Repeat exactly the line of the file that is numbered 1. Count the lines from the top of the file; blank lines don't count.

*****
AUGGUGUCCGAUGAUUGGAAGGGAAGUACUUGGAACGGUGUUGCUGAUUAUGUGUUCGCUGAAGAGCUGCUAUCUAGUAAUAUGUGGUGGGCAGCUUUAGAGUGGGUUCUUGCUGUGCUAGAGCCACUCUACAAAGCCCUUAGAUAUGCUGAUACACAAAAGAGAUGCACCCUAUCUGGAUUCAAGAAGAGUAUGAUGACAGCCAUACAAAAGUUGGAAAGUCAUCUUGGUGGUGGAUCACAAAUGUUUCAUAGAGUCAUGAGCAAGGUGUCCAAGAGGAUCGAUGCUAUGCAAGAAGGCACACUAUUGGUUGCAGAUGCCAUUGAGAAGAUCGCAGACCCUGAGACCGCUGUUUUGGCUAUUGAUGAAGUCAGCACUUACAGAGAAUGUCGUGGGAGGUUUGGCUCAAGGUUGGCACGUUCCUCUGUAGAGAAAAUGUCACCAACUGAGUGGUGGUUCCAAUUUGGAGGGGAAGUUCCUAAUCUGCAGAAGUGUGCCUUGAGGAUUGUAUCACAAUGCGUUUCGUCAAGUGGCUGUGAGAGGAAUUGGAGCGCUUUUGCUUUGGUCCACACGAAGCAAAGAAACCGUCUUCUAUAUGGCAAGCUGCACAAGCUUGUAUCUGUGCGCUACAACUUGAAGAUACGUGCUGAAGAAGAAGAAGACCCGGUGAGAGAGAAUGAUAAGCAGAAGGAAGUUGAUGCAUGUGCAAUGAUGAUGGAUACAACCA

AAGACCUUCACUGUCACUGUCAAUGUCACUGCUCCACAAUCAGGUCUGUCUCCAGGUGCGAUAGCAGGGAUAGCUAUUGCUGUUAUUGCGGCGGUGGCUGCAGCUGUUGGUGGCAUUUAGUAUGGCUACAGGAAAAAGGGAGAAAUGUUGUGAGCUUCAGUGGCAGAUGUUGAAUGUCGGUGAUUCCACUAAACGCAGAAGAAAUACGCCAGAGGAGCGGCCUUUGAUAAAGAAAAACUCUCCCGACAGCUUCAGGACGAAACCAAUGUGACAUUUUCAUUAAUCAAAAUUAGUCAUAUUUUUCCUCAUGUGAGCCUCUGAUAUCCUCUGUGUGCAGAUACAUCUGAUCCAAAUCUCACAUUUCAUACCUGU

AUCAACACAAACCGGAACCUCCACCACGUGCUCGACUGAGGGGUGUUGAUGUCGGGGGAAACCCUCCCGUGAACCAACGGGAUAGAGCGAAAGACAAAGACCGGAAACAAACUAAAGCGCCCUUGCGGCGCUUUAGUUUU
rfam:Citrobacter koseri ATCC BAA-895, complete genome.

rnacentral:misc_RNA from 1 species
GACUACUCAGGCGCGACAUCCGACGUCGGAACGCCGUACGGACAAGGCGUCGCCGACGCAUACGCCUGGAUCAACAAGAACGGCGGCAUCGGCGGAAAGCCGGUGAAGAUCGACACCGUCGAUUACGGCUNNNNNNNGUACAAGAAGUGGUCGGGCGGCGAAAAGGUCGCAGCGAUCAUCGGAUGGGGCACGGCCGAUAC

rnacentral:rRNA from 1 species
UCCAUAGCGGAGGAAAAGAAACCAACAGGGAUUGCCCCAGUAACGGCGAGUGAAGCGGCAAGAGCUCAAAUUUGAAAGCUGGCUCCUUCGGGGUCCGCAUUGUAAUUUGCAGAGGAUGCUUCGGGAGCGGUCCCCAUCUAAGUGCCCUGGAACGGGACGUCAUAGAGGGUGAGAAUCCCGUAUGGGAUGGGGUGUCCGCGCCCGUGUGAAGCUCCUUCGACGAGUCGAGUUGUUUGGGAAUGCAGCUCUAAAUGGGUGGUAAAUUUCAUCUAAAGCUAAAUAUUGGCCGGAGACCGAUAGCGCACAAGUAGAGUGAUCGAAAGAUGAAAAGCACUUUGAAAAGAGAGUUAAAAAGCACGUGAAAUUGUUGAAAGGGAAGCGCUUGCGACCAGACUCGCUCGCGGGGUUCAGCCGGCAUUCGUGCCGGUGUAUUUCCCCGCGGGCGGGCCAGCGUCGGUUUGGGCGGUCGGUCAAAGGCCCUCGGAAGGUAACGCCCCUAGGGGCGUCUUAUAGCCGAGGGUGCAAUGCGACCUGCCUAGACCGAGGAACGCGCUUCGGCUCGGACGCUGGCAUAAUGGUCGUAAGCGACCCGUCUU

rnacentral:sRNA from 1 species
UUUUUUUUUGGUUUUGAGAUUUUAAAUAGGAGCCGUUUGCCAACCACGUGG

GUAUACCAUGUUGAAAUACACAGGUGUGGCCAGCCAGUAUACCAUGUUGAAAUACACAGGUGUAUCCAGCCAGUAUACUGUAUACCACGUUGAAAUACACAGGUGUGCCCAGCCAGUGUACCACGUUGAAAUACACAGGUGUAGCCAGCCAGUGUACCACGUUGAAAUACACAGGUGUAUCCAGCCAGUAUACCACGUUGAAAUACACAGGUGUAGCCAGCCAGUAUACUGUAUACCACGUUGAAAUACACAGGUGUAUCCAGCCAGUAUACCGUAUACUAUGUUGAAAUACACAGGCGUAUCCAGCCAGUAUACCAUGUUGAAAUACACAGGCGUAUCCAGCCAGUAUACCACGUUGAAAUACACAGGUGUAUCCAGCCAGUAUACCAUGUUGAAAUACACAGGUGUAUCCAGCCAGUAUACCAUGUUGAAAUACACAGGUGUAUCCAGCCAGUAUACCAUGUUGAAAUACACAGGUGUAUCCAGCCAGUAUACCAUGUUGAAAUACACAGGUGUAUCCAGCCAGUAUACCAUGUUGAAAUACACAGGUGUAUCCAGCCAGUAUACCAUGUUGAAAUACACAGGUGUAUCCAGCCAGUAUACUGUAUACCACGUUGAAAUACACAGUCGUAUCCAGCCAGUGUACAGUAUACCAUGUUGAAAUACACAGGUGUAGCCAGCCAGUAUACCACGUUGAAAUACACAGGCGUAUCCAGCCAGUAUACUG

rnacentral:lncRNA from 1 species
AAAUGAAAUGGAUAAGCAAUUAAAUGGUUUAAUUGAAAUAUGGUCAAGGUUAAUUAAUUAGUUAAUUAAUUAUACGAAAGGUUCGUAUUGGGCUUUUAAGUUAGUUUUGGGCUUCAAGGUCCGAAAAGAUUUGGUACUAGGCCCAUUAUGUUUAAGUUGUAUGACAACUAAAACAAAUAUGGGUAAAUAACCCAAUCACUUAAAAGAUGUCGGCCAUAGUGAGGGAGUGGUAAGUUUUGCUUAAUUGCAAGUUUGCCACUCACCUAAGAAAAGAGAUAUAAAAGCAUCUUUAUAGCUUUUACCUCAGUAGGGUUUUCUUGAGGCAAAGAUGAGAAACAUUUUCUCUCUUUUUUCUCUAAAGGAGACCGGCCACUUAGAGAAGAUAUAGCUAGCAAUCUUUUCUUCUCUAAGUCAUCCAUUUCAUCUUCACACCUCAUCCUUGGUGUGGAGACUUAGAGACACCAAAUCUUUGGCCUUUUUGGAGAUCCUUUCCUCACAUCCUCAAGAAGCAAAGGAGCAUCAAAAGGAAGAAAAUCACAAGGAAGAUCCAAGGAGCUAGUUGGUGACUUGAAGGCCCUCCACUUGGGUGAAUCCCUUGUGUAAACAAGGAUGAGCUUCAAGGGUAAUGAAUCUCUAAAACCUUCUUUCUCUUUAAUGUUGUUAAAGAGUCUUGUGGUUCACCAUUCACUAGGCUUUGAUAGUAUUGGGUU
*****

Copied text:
AUGGUGUCCGAUGAUUGGAAGGGAAGUACUUGGAACGGUGUUGCUGAUUAUGUGUUCGCUGAAGAGCUGCUAUCUAGUAAUAUGUGGUGGGCAGCUUUAGAGUGGGUUCUUGCUGUGCUAGAGCCACUCUACAAAGCCCUUAGAUAUGCUGAUACACAAAAGAGAUGCACCCUAUCUGGAUUCAAGAAGAGUAUGAUGACAGCCAUACAAAAGUUGGAAAGUCAUCUUGGUGGUGGAUCACAAAUGUUUCAUAGAGUCAUGAGCAAGGUGUCCAAGAGGAUCGAUGCUAUGCAAGAAGGCACACUAUUGGUUGCAGAUGCCAUUGAGAAGAUCGCAGACCCUGAGACCGCUGUUUUGGCUAUUGAUGAAGUCAGCACUUACAGAGAAUGUCGUGGGAGGUUUGGCUCAAGGUUGGCACGUUCCUCUGUAGAGAAAAUGUCACCAACUGAGUGGUGGUUCCAAUUUGGAGGGGAAGUUCCUAAUCUGCAGAAGUGUGCCUUGAGGAUUGUAUCACAAUGCGUUUCGUCAAGUGGCUGUGAGAGGAAUUGGAGCGCUUUUGCUUUGGUCCACACGAAGCAAAGAAACCGUCUUCUAUAUGGCAAGCUGCACAAGCUUGUAUCUGUGCGCUACAACUUGAAGAUACGUGCUGAAGAAGAAGAAGACCCGGUGAGAGAGAAUGAUAAGCAGAAGGAAGUUGAUGCAUGUGCAAUGAUGAUGGAUACAACCA